Knowledge Is the Key to Freedom

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TieErica Mendez
Paul Zintgraff
English 1113
24 September 2012
Knowledge is the Key to Freedom
Frederick Douglass was born a slave in 1818, a time when slaves were forbidden to have an education he succeeded in teaching himself to read and write. In Frederick Douglass’ Learning to Read, the audience was given a front row seat that allowed a glimpse inside the true depth and extent of slavery. Douglass expressed emphasis on literacy and the impact it had on slavery by revealing how slavery was detrimental not only to slaves but slave owners, how the path to educate himself caused mental anguish, and how literacy became his key to freedom.

In the beginning, the master’s wife viewed Frederick as her equal and didn’t see anything wrong with educating him. Douglass said of his first teacher “She at first lacked the depravity indispensable to shutting me up in mental darkness" (346), then she realized that educating a slave meant giving them a voice. Slavery had the power to turn a kind and caring person into a callous and cruel brute. “Under its influence, the tender heart became stone, and the lamblike disposition gave way to one of tiger like fierceness” (Douglass 346). She ceased to instruct him and made sure nobody else would. “Mistress, in teaching me the alphabet, had given me the inch, and no precaution could prevent me from taking ell” (347). Frederick Douglass was a brilliant man and determined to learn how to read. Douglass turned children into teachers and through an exchange of bread successfully learned how to read. In Learning to Read, Douglass wanted to name the boys who helped him as “a testimonial of the gratitude and affection I bear them”(347), but instead stated where they lived. Douglass writes about the steps he took when learning to read and goes as far to include where the children lived that help him succeed establishes accurate logic.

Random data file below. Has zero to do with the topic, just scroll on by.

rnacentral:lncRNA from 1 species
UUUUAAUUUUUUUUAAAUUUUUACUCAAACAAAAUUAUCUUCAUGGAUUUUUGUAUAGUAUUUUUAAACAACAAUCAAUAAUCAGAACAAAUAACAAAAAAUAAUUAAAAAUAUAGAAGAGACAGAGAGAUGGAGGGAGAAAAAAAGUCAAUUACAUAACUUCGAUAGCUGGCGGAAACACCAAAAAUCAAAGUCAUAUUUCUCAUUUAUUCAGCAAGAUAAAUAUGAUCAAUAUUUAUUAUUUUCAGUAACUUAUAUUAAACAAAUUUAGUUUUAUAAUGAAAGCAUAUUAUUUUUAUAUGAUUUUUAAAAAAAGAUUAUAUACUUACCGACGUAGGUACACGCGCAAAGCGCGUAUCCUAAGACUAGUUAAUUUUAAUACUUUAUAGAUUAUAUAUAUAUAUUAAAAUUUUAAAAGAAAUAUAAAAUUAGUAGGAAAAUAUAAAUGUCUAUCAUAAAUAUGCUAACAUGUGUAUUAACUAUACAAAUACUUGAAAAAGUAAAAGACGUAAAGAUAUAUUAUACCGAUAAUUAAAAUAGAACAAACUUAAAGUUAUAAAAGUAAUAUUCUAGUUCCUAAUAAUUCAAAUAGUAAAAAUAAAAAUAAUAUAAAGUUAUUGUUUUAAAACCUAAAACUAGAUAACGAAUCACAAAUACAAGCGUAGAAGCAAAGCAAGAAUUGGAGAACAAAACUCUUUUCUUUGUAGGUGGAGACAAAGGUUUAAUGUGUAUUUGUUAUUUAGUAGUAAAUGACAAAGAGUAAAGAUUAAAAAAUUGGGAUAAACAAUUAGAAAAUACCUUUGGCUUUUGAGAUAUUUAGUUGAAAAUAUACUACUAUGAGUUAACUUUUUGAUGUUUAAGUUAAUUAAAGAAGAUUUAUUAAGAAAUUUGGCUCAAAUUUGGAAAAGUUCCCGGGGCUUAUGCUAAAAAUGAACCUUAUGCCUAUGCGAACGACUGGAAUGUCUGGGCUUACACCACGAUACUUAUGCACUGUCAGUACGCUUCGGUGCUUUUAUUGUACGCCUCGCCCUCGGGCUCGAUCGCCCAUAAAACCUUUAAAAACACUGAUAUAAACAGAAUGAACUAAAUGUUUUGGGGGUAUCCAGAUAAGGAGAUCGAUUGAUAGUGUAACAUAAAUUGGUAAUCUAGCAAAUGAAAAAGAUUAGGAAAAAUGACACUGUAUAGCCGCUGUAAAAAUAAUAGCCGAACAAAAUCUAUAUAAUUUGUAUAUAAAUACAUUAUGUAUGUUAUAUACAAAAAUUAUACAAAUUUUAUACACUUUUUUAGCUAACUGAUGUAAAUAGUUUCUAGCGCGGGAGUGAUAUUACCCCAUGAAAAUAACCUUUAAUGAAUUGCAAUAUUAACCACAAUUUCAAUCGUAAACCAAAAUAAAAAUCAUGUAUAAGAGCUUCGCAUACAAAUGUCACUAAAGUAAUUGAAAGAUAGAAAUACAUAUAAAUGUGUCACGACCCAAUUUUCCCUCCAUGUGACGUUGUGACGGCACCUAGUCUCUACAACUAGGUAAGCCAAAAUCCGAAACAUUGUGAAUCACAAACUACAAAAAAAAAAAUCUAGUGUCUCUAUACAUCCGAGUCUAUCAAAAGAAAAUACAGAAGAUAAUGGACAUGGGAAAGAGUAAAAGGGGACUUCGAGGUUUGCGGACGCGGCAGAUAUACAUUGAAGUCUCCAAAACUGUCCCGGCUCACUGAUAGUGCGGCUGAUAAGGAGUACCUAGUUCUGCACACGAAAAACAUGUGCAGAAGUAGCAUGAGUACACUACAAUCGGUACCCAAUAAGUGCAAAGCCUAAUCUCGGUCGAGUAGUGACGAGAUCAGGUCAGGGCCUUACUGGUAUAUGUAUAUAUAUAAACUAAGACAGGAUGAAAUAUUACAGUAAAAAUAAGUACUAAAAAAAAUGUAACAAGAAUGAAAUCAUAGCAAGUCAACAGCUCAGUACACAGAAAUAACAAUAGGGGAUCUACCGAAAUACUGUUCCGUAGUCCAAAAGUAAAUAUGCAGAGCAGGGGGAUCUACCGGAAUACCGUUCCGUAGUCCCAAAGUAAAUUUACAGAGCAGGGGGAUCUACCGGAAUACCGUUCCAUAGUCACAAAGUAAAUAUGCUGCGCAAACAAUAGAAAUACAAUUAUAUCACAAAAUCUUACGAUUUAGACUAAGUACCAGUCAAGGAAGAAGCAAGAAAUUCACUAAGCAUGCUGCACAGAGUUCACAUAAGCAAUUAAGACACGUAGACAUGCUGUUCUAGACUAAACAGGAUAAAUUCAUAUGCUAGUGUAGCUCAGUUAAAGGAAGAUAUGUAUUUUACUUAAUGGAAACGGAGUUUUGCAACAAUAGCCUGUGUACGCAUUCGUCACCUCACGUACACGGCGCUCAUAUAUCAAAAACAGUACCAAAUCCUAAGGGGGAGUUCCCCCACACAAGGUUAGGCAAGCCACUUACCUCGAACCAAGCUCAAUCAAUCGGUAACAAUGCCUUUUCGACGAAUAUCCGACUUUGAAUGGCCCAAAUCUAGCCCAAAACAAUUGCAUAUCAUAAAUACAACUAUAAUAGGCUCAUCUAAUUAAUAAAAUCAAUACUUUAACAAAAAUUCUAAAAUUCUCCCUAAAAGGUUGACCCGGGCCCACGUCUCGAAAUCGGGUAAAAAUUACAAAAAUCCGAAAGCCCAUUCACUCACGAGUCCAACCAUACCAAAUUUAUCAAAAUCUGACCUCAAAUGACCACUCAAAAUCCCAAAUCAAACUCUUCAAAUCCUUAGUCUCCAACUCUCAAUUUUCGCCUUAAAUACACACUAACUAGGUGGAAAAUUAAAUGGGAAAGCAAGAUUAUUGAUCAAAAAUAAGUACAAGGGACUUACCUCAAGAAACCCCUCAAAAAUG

The path Frederick Douglass traveled to pursue his education was a roller-coaster...
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